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New group aims to reform Illinois state politics

Bradley administrator appointed to committee that will improve Springfield

A new effort to clean up Illinois politics is underway, and it will have a Bradley connection.
Brad McMillan was recently appointed to serve on the Illinois Reform Commission, a 15-member committee created by Lt. Gov. Pat Quinn to reform Springfield.
“This is a really unique and rare opportunity to make significant change,” McMillan, the executive director of the Institute for Principled Leadership in Public Service, said. “It can be done, it needs to be done and we need to strike while the iron’s hot and the public sentiment is so strong that we need reform in Illinois.”
The IRC was created by Quinn in light of the recent scandal involving Gov. Rod Blagojevich, who, among other things, is being accused of trying to sell Barack Obama’s senate seat.
According to its Web site, the IRC has an ambitious goal – to supply Quinn with a written report within 100 days of Jan. 16, the day the IRC was created. The report will outline the recommendations to Quinn.
The committee is chaired by Patrick Collins, a former U.S. Attorney who tried and won the conviction of former Gov. George Ryan.
McMillan said one of the most significant actions that could be taken by the commission would be to submit a plan to reform campaign finance laws.
“We would limit the amount of money that companies, individuals and [political] parties could give to state candidates,” he said.
Another possible action the IRC may take would be to submit a proposal changing the way representative districts are drawn in Illinois.
Right now, representative districts are approved by the state legislature and are often drawn to protect the incumbent politician, McMillan said.
“There is one congressman who lives in Rock Island, and his district goes down the Mississippi … goes over to Springfield and all the way to Decatur,” he said. “You ask the average person, does that make sense? Is that good government? Is that the best way to represent the people? They would say absolutely not. So why do we do it?”
The commission could face some difficulties in accomplishing its goals, McMillan said.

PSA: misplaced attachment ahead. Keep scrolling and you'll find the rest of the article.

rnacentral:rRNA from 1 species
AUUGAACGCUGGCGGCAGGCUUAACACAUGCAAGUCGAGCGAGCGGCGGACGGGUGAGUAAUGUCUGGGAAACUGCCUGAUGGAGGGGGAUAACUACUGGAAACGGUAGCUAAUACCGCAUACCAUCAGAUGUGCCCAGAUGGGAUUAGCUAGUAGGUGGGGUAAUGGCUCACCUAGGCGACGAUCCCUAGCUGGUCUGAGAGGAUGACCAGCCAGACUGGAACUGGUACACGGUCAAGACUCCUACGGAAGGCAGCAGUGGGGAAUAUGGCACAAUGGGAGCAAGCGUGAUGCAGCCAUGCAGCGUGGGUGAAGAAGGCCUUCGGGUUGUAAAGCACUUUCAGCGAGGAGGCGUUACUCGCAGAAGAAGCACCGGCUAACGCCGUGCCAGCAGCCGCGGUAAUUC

“There are certain powers that be that will not want the status quo to change,” he said. “The Democratic and Republican leadership funnels hundreds of thousands of dollars from outside state legislative districts into targeted campaigns.”
They also bring in their own political people who many times put together false or misleading advertising, McMillan said.
“These outside influences are not good for the political process and does not promote good government,” he said.
Political parties giving too much money to candidates is a problem, McMillan said.
Prior to coming to Bradley, McMillan worked for 10 years as then-U.S. Rep. Ray LaHood’s chief of staff. He is joined on the IRC by a former managing editor of the Chicago Tribune, the president of DePaul University and the head coach of the Northwestern University football team, along with 11 other members from varying backgrounds.
Also on the IRC is the Rev. Scott Willis. Willis is the father of six children who were killed in a car accident that was eventually linked to the license-for-bribes scandal, which led to Ryan’s conviction and imprisonment.
“The Illinois Reform Commission is made up of a very talented, diverse group of independent-minded people,” McMillan said.
The IRC will meet every other week until April, and it will meet at Bradley on March 30. Time and location are to be announced.
Other meeting times and more information at www.reformillinoisnow.org.